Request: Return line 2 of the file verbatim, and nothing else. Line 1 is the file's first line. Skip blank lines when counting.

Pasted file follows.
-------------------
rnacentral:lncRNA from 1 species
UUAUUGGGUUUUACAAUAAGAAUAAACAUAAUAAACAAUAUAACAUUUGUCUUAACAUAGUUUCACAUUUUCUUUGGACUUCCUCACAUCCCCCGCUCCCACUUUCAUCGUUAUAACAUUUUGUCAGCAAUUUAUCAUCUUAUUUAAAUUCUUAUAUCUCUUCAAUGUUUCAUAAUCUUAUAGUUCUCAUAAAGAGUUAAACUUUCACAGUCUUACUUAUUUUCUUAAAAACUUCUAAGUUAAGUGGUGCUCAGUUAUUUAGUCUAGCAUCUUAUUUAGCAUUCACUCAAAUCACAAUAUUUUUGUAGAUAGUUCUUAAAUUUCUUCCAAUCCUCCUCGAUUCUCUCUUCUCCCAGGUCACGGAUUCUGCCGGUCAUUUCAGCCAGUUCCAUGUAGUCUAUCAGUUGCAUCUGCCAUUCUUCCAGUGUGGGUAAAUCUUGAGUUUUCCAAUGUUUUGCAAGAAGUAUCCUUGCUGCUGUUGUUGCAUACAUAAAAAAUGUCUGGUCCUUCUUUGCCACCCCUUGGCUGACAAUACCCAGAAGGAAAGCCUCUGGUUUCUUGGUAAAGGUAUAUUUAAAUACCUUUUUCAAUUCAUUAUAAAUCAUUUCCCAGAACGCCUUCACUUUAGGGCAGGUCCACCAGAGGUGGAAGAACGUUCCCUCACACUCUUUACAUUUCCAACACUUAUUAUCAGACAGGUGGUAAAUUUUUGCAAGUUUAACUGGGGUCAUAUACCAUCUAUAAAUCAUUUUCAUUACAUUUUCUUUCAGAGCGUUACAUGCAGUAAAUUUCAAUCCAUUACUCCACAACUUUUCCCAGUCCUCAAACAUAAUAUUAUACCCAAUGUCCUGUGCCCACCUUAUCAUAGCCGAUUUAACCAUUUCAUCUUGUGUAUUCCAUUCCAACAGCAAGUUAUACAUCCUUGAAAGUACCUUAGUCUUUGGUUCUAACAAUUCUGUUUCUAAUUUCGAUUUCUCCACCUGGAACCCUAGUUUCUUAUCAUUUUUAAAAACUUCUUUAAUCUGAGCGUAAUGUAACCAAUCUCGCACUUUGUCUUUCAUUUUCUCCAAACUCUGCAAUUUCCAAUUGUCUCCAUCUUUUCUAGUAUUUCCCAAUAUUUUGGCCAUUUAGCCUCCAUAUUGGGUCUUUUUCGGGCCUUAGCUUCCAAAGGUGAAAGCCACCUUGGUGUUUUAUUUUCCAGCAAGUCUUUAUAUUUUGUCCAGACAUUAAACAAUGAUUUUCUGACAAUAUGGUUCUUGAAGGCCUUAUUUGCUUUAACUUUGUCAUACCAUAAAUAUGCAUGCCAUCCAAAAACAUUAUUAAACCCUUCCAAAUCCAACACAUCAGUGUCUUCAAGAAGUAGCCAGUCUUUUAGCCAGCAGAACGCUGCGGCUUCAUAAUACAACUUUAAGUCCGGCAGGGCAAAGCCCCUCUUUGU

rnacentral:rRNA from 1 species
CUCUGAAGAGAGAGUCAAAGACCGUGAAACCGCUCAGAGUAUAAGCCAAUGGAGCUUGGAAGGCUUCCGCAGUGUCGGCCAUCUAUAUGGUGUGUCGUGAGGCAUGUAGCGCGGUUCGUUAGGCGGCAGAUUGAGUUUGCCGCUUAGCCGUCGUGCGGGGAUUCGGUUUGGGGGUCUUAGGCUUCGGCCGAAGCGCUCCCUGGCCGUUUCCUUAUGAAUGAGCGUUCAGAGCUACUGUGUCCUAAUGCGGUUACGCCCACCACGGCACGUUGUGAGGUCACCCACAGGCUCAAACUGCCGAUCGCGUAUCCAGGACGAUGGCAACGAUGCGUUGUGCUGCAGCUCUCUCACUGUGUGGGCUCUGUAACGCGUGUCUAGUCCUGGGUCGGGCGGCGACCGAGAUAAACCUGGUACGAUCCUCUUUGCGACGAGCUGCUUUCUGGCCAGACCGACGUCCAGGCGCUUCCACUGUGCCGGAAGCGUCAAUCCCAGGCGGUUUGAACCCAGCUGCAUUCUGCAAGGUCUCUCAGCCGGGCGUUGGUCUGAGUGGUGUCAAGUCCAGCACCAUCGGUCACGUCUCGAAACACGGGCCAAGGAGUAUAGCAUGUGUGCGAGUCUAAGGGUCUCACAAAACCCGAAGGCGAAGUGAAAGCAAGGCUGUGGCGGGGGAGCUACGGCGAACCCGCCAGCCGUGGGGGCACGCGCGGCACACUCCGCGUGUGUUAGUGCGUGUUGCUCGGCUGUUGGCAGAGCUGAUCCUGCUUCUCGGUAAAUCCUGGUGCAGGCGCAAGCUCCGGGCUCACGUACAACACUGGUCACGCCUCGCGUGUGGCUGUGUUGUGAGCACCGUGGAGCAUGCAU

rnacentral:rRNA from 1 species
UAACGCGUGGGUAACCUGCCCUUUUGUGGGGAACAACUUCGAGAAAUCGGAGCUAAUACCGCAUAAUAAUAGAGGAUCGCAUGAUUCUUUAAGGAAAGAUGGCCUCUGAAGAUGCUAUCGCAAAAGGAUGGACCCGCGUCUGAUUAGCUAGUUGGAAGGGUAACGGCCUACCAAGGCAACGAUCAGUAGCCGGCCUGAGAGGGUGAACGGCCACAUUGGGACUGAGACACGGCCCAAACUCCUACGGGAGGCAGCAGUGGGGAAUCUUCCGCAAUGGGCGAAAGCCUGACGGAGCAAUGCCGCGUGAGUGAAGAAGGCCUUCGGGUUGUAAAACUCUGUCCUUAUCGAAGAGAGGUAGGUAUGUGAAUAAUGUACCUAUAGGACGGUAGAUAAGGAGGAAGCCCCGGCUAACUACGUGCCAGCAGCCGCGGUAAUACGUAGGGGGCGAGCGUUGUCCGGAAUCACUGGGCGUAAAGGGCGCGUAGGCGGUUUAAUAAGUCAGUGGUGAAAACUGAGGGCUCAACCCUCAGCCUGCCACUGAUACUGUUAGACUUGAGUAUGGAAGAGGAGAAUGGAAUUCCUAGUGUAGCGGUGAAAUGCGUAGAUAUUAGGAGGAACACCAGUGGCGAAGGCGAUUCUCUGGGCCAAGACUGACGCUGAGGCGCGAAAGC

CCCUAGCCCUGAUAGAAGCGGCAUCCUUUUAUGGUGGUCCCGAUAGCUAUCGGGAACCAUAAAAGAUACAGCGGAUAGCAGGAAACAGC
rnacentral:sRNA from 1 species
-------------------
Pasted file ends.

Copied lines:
UUAUUGGGUUUUACAAUAAGAAUAAACAUAAUAAACAAUAUAACAUUUGUCUUAACAUAGUUUCACAUUUUCUUUGGACUUCCUCACAUCCCCCGCUCCCACUUUCAUCGUUAUAACAUUUUGUCAGCAAUUUAUCAUCUUAUUUAAAUUCUUAUAUCUCUUCAAUGUUUCAUAAUCUUAUAGUUCUCAUAAAGAGUUAAACUUUCACAGUCUUACUUAUUUUCUUAAAAACUUCUAAGUUAAGUGGUGCUCAGUUAUUUAGUCUAGCAUCUUAUUUAGCAUUCACUCAAAUCACAAUAUUUUUGUAGAUAGUUCUUAAAUUUCUUCCAAUCCUCCUCGAUUCUCUCUUCUCCCAGGUCACGGAUUCUGCCGGUCAUUUCAGCCAGUUCCAUGUAGUCUAUCAGUUGCAUCUGCCAUUCUUCCAGUGUGGGUAAAUCUUGAGUUUUCCAAUGUUUUGCAAGAAGUAUCCUUGCUGCUGUUGUUGCAUACAUAAAAAAUGUCUGGUCCUUCUUUGCCACCCCUUGGCUGACAAUACCCAGAAGGAAAGCCUCUGGUUUCUUGGUAAAGGUAUAUUUAAAUACCUUUUUCAAUUCAUUAUAAAUCAUUUCCCAGAACGCCUUCACUUUAGGGCAGGUCCACCAGAGGUGGAAGAACGUUCCCUCACACUCUUUACAUUUCCAACACUUAUUAUCAGACAGGUGGUAAAUUUUUGCAAGUUUAACUGGGGUCAUAUACCAUCUAUAAAUCAUUUUCAUUACAUUUUCUUUCAGAGCGUUACAUGCAGUAAAUUUCAAUCCAUUACUCCACAACUUUUCCCAGUCCUCAAACAUAAUAUUAUACCCAAUGUCCUGUGCCCACCUUAUCAUAGCCGAUUUAACCAUUUCAUCUUGUGUAUUCCAUUCCAACAGCAAGUUAUACAUCCUUGAAAGUACCUUAGUCUUUGGUUCUAACAAUUCUGUUUCUAAUUUCGAUUUCUCCACCUGGAACCCUAGUUUCUUAUCAUUUUUAAAAACUUCUUUAAUCUGAGCGUAAUGUAACCAAUCUCGCACUUUGUCUUUCAUUUUCUCCAAACUCUGCAAUUUCCAAUUGUCUCCAUCUUUUCUAGUAUUUCCCAAUAUUUUGGCCAUUUAGCCUCCAUAUUGGGUCUUUUUCGGGCCUUAGCUUCCAAAGGUGAAAGCCACCUUGGUGUUUUAUUUUCCAGCAAGUCUUUAUAUUUUGUCCAGACAUUAAACAAUGAUUUUCUGACAAUAUGGUUCUUGAAGGCCUUAUUUGCUUUAACUUUGUCAUACCAUAAAUAUGCAUGCCAUCCAAAAACAUUAUUAAACCCUUCCAAAUCCAACACAUCAGUGUCUUCAAGAAGUAGCCAGUCUUUUAGCCAGCAGAACGCUGCGGCUUCAUAAUACAACUUUAAGUCCGGCAGGGCAAAGCCCCUCUUUGU